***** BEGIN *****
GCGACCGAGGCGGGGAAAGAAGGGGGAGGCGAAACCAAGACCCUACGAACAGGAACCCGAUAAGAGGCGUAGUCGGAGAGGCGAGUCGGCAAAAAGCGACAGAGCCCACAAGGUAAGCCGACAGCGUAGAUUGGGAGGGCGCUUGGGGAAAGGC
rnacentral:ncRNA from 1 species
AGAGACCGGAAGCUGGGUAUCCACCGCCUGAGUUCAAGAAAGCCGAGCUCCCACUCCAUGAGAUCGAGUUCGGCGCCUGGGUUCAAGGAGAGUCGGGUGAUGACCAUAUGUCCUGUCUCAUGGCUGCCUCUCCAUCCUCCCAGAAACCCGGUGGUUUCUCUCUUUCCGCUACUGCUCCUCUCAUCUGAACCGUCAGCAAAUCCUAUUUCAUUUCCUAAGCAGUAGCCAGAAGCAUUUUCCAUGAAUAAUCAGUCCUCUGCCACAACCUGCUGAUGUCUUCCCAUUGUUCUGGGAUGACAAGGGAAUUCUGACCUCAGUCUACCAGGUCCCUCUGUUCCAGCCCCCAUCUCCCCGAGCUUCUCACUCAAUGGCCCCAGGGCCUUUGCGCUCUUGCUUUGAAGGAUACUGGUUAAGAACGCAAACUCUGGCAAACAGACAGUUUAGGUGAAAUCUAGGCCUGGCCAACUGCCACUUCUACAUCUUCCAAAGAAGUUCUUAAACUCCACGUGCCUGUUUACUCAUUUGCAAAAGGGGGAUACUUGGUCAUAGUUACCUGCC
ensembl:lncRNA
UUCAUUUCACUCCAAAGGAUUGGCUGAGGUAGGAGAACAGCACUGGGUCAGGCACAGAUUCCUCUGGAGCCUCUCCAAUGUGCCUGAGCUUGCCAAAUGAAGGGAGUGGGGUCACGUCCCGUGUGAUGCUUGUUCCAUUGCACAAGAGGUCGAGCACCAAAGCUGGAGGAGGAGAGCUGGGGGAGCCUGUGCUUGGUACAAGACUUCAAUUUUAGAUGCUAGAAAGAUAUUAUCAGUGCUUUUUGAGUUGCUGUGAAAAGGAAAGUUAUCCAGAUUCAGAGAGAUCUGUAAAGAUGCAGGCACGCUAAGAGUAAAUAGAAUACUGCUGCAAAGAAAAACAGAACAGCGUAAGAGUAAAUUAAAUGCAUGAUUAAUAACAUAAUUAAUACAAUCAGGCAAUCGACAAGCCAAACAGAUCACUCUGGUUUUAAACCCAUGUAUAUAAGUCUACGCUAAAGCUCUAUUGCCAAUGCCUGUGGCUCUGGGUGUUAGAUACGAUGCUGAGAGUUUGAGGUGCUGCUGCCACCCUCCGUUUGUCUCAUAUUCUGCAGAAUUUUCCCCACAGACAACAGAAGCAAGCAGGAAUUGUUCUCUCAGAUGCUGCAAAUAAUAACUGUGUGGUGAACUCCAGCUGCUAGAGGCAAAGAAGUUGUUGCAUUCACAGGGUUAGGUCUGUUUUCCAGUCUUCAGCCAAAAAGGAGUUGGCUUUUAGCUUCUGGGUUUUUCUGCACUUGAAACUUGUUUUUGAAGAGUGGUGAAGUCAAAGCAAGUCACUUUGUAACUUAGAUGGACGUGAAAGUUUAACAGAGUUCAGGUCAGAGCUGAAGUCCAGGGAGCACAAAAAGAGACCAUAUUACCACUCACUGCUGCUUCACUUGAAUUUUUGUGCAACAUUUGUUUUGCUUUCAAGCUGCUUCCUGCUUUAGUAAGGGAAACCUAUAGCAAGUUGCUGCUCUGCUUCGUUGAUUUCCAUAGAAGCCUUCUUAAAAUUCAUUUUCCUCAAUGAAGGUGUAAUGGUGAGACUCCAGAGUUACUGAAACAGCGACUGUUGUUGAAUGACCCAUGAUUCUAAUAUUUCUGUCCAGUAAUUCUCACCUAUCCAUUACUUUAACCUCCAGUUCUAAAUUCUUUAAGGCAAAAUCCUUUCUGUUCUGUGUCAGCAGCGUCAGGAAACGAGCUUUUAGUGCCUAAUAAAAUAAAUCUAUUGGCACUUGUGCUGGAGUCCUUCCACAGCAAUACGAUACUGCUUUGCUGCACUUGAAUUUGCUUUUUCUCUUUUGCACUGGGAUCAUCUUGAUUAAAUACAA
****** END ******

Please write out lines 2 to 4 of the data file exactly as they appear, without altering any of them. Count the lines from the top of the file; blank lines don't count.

rnacentral:ncRNA from 1 species
AGAGACCGGAAGCUGGGUAUCCACCGCCUGAGUUCAAGAAAGCCGAGCUCCCACUCCAUGAGAUCGAGUUCGGCGCCUGGGUUCAAGGAGAGUCGGGUGAUGACCAUAUGUCCUGUCUCAUGGCUGCCUCUCCAUCCUCCCAGAAACCCGGUGGUUUCUCUCUUUCCGCUACUGCUCCUCUCAUCUGAACCGUCAGCAAAUCCUAUUUCAUUUCCUAAGCAGUAGCCAGAAGCAUUUUCCAUGAAUAAUCAGUCCUCUGCCACAACCUGCUGAUGUCUUCCCAUUGUUCUGGGAUGACAAGGGAAUUCUGACCUCAGUCUACCAGGUCCCUCUGUUCCAGCCCCCAUCUCCCCGAGCUUCUCACUCAAUGGCCCCAGGGCCUUUGCGCUCUUGCUUUGAAGGAUACUGGUUAAGAACGCAAACUCUGGCAAACAGACAGUUUAGGUGAAAUCUAGGCCUGGCCAACUGCCACUUCUACAUCUUCCAAAGAAGUUCUUAAACUCCACGUGCCUGUUUACUCAUUUGCAAAAGGGGGAUACUUGGUCAUAGUUACCUGCC
ensembl:lncRNA